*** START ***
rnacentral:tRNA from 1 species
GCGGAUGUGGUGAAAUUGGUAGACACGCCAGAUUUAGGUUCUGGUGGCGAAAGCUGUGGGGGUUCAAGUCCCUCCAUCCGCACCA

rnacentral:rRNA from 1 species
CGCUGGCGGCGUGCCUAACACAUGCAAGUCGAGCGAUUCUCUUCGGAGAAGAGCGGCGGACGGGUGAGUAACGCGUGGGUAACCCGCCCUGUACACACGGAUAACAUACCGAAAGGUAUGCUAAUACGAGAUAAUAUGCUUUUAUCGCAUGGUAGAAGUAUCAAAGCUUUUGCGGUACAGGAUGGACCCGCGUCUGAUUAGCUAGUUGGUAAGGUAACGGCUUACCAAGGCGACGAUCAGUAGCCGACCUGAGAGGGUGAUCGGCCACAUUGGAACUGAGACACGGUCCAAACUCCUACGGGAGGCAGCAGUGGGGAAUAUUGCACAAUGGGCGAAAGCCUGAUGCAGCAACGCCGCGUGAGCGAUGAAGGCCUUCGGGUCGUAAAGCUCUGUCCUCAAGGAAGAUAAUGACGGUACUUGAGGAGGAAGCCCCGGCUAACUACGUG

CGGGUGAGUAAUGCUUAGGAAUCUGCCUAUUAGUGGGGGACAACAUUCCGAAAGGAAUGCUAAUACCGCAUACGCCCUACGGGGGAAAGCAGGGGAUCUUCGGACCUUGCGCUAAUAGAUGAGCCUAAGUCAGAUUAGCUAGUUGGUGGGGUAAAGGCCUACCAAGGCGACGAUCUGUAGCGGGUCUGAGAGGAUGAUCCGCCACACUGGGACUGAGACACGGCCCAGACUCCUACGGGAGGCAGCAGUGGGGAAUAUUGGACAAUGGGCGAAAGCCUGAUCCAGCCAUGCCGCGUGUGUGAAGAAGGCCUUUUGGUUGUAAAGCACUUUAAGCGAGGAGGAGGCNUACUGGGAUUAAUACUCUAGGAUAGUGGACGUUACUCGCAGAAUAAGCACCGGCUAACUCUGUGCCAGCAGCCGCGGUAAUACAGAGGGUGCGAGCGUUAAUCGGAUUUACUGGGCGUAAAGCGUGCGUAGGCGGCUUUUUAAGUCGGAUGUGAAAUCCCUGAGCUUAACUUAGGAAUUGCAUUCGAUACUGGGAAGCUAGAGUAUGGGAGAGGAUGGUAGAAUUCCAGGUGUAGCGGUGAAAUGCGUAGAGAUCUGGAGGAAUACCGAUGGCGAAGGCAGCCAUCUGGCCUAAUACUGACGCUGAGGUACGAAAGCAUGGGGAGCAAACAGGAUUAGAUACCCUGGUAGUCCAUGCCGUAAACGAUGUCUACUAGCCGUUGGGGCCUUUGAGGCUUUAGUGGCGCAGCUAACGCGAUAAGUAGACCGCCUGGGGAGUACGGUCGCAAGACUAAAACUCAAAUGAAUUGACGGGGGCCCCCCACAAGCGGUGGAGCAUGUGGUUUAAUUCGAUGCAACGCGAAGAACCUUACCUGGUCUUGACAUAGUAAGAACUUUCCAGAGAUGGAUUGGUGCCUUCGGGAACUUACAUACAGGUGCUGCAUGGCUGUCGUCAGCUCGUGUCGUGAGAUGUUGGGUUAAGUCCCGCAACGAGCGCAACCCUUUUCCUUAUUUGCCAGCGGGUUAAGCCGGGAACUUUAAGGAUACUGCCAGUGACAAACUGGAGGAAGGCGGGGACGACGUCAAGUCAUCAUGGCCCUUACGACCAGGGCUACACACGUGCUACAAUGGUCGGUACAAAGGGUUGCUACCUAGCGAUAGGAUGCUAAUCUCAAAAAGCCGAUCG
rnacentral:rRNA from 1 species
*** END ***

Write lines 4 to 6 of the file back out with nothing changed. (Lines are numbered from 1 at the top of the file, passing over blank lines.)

CGCUGGCGGCGUGCCUAACACAUGCAAGUCGAGCGAUUCUCUUCGGAGAAGAGCGGCGGACGGGUGAGUAACGCGUGGGUAACCCGCCCUGUACACACGGAUAACAUACCGAAAGGUAUGCUAAUACGAGAUAAUAUGCUUUUAUCGCAUGGUAGAAGUAUCAAAGCUUUUGCGGUACAGGAUGGACCCGCGUCUGAUUAGCUAGUUGGUAAGGUAACGGCUUACCAAGGCGACGAUCAGUAGCCGACCUGAGAGGGUGAUCGGCCACAUUGGAACUGAGACACGGUCCAAACUCCUACGGGAGGCAGCAGUGGGGAAUAUUGCACAAUGGGCGAAAGCCUGAUGCAGCAACGCCGCGUGAGCGAUGAAGGCCUUCGGGUCGUAAAGCUCUGUCCUCAAGGAAGAUAAUGACGGUACUUGAGGAGGAAGCCCCGGCUAACUACGUG

CGGGUGAGUAAUGCUUAGGAAUCUGCCUAUUAGUGGGGGACAACAUUCCGAAAGGAAUGCUAAUACCGCAUACGCCCUACGGGGGAAAGCAGGGGAUCUUCGGACCUUGCGCUAAUAGAUGAGCCUAAGUCAGAUUAGCUAGUUGGUGGGGUAAAGGCCUACCAAGGCGACGAUCUGUAGCGGGUCUGAGAGGAUGAUCCGCCACACUGGGACUGAGACACGGCCCAGACUCCUACGGGAGGCAGCAGUGGGGAAUAUUGGACAAUGGGCGAAAGCCUGAUCCAGCCAUGCCGCGUGUGUGAAGAAGGCCUUUUGGUUGUAAAGCACUUUAAGCGAGGAGGAGGCNUACUGGGAUUAAUACUCUAGGAUAGUGGACGUUACUCGCAGAAUAAGCACCGGCUAACUCUGUGCCAGCAGCCGCGGUAAUACAGAGGGUGCGAGCGUUAAUCGGAUUUACUGGGCGUAAAGCGUGCGUAGGCGGCUUUUUAAGUCGGAUGUGAAAUCCCUGAGCUUAACUUAGGAAUUGCAUUCGAUACUGGGAAGCUAGAGUAUGGGAGAGGAUGGUAGAAUUCCAGGUGUAGCGGUGAAAUGCGUAGAGAUCUGGAGGAAUACCGAUGGCGAAGGCAGCCAUCUGGCCUAAUACUGACGCUGAGGUACGAAAGCAUGGGGAGCAAACAGGAUUAGAUACCCUGGUAGUCCAUGCCGUAAACGAUGUCUACUAGCCGUUGGGGCCUUUGAGGCUUUAGUGGCGCAGCUAACGCGAUAAGUAGACCGCCUGGGGAGUACGGUCGCAAGACUAAAACUCAAAUGAAUUGACGGGGGCCCCCCACAAGCGGUGGAGCAUGUGGUUUAAUUCGAUGCAACGCGAAGAACCUUACCUGGUCUUGACAUAGUAAGAACUUUCCAGAGAUGGAUUGGUGCCUUCGGGAACUUACAUACAGGUGCUGCAUGGCUGUCGUCAGCUCGUGUCGUGAGAUGUUGGGUUAAGUCCCGCAACGAGCGCAACCCUUUUCCUUAUUUGCCAGCGGGUUAAGCCGGGAACUUUAAGGAUACUGCCAGUGACAAACUGGAGGAAGGCGGGGACGACGUCAAGUCAUCAUGGCCCUUACGACCAGGGCUACACACGUGCUACAAUGGUCGGUACAAAGGGUUGCUACCUAGCGAUAGGAUGCUAAUCUCAAAAAGCCGAUCG
rnacentral:rRNA from 1 species